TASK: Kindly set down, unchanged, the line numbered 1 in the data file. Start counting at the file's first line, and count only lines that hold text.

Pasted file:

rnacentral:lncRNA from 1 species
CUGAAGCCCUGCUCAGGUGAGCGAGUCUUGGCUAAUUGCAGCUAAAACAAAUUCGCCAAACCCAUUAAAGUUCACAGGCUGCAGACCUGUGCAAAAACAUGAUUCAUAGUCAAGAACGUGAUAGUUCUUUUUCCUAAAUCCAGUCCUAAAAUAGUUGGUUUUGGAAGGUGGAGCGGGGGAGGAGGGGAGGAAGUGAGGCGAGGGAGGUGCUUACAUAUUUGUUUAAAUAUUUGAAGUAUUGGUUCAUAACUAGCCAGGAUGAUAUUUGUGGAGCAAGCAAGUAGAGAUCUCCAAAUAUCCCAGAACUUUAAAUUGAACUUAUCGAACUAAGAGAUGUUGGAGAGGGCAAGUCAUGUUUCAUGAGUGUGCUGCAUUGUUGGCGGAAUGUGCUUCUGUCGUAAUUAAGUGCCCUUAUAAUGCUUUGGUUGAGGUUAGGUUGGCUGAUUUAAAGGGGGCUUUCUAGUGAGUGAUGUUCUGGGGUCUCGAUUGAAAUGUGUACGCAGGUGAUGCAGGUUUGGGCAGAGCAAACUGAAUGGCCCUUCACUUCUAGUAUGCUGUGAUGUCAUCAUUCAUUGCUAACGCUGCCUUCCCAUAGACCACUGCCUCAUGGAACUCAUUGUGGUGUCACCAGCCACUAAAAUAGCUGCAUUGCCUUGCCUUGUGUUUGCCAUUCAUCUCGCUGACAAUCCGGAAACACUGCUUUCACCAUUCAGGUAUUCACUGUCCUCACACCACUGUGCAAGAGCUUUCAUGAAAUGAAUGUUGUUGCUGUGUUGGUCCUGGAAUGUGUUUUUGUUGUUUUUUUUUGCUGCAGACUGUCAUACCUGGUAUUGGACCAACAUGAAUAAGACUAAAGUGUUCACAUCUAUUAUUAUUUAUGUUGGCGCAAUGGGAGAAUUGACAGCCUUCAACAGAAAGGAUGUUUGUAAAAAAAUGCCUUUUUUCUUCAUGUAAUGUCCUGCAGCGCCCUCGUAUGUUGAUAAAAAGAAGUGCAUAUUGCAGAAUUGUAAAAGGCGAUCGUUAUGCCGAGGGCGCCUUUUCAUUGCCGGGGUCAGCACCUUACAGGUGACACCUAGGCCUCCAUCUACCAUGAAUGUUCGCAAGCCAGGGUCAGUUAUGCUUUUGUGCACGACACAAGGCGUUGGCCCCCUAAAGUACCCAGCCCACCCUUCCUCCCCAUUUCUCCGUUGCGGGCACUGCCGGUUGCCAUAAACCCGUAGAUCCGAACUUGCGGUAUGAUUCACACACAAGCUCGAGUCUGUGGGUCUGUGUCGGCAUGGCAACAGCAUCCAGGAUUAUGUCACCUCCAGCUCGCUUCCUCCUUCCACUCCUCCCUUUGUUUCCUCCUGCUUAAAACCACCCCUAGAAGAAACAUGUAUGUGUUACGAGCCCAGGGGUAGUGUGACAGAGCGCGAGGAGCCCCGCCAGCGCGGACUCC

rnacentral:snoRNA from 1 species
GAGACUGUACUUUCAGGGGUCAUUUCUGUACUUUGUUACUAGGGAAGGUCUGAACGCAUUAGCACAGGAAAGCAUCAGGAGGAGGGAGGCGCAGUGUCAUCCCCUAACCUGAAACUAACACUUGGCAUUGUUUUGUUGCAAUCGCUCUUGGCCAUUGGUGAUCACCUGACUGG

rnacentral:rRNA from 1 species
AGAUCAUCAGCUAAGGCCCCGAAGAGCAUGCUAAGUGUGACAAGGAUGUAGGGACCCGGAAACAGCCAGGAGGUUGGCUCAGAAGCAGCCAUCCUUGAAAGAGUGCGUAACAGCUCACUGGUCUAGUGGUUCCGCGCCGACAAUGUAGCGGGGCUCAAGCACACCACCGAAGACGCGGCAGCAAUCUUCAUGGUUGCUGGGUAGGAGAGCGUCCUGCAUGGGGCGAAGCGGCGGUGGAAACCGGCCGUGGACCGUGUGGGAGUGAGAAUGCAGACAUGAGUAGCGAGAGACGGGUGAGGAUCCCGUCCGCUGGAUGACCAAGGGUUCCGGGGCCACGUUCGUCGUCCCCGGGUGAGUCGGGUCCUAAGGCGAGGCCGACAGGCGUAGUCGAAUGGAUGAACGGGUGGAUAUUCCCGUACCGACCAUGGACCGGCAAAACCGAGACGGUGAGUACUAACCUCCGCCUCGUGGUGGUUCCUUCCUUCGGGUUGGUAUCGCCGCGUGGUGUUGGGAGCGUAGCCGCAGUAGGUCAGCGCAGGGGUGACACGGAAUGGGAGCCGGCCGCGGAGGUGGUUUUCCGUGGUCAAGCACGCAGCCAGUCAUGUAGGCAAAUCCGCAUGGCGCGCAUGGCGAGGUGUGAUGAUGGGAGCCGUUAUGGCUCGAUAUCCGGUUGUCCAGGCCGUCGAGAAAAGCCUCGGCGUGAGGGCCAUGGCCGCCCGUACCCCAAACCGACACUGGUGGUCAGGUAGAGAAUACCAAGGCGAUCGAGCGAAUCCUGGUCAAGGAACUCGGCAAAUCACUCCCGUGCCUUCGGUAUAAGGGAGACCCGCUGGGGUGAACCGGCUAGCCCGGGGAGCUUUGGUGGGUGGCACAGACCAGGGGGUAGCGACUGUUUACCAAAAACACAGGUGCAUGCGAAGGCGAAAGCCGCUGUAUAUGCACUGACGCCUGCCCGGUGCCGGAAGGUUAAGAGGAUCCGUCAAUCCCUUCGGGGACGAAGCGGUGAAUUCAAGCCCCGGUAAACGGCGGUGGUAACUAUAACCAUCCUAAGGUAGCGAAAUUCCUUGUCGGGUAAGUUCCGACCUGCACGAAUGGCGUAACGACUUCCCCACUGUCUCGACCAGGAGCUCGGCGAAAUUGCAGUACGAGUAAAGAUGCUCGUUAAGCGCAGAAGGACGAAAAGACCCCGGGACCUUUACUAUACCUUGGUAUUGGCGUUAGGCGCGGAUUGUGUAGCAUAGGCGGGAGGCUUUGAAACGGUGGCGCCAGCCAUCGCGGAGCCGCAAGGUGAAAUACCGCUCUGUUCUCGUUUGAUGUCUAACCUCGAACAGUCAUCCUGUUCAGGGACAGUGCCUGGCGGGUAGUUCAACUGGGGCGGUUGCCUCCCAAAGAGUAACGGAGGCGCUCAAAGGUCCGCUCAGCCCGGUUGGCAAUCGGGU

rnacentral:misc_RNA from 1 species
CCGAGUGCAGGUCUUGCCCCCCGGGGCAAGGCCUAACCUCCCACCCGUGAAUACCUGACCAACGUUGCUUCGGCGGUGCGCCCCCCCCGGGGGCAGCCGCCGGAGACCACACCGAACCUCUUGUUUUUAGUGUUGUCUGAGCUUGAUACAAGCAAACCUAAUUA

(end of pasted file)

rnacentral:lncRNA from 1 species